This conference emphasizes proven farmer experience and applied science in conservation tillage. Learn how heavier, colder soils aren’t necessarily the challenge they’re made out to be. And, what have long-time no-tillers and reduced-tillage farmers learned that could spare you the same lessons?...More
How often have you wondered whether a new practice or piece of equipment will pay? Kenton, Ohio, farmer Brian Watkins built a computer farming simulation model to calculate the cost of such options. “It tells me how much time a piece of equipment will take to operate and repair, how much fuel will cost and how it will affect other things we do,” he says....More
Every growing season is different. Moisture and residue levels, subsequent crop and expected weather patterns all create confusion as to which type of tillage is best for each field. When thinking about which tillage tool to use for corn residue management this fall, consider these factors: Soil type, crop rotation, soil moisture and slope....More
A few simple precautions and a little bit of common sense can go a long way toward helping prevent farm-related accidents and injuries, especially at harvest time, two Purdue University agricultural educators say....More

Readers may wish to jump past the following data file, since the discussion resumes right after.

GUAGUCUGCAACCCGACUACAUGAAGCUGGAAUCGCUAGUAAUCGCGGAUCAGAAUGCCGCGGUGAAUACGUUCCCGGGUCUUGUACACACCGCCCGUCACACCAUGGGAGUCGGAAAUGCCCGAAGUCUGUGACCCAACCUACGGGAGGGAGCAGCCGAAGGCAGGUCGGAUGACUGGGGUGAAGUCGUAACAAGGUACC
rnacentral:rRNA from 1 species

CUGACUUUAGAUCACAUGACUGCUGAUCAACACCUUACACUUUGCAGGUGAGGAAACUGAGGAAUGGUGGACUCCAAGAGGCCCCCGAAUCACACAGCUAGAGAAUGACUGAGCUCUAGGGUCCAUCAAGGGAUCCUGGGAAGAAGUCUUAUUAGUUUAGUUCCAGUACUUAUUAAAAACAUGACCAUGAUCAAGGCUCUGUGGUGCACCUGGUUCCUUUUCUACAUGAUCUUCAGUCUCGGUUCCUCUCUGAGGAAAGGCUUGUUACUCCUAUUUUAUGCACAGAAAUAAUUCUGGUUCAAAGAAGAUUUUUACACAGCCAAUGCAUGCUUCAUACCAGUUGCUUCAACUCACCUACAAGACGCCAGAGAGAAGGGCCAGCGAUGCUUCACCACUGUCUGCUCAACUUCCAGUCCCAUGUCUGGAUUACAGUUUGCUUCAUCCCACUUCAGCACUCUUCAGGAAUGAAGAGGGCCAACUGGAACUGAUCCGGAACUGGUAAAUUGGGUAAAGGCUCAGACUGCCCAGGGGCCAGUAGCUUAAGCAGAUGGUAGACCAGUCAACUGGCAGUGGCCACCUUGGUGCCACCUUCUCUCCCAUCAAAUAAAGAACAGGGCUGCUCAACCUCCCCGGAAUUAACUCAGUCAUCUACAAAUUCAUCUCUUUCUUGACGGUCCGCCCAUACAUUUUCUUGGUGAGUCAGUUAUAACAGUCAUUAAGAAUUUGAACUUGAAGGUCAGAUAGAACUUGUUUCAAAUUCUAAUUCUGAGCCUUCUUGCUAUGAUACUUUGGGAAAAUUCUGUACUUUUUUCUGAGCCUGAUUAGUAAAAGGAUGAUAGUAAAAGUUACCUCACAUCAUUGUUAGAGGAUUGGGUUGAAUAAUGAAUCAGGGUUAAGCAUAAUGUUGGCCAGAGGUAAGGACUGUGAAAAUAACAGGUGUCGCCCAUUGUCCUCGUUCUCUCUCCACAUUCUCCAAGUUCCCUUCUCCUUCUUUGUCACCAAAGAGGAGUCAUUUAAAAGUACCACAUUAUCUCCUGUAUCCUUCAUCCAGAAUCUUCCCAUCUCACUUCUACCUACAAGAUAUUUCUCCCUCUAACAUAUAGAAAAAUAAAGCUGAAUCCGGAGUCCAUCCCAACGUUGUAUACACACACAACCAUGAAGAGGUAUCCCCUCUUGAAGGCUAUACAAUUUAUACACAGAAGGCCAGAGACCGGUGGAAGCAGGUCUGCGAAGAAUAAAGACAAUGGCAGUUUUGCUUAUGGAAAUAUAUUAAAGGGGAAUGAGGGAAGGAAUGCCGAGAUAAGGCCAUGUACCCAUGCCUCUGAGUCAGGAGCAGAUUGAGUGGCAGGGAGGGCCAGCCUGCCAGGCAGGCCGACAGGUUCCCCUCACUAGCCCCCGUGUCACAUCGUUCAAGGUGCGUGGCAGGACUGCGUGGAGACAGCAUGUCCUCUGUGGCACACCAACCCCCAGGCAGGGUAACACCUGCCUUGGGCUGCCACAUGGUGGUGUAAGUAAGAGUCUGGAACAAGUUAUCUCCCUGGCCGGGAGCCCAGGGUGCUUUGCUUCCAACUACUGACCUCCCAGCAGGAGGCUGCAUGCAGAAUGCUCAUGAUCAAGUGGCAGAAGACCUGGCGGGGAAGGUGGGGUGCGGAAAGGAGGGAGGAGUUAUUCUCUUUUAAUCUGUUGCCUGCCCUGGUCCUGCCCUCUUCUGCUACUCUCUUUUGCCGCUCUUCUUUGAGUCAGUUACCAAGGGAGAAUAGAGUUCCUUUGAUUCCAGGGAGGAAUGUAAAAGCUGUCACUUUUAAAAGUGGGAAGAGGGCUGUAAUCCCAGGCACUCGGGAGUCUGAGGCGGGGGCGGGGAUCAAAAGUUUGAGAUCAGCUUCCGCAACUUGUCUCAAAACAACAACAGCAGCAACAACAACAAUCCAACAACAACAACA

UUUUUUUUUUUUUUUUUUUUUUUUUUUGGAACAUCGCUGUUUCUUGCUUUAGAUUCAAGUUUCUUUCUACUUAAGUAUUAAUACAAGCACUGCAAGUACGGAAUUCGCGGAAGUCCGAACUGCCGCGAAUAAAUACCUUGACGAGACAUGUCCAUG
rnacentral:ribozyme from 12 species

Rising diesel prices have made tackling fuel economy more important than ever. Given how much you spend on fuel each year, even a small change in fuel usage can mean boost your profit. For example, using using a low-viscosity oil can boost fuel economy, but that's the just one of several management tactics you can use to boost profits in spring and fall....More
The September issue of Corn+Soybean Digest offers a lot for readers. From data management to tips for financial success in turbulent times, what farmers learned in 2014 to strip-till tips. Check out these feature stories for insight on Ukraine corn exports, as well as marketing advice for low prices, using tillage for weed control and cover crop seed mixes.
The 5 ag stories to read this week include tips on storing grain this fall, as well as a reminder that a solid nutrient balance is important to corn yield, and not just nitrogen. Read about a new soil mapping technology from Purdue, and understand that when benchmarking your farm, it's important to use relevant benchmarks. For a little enjoyment, read about how you know you grew up on a farm when… .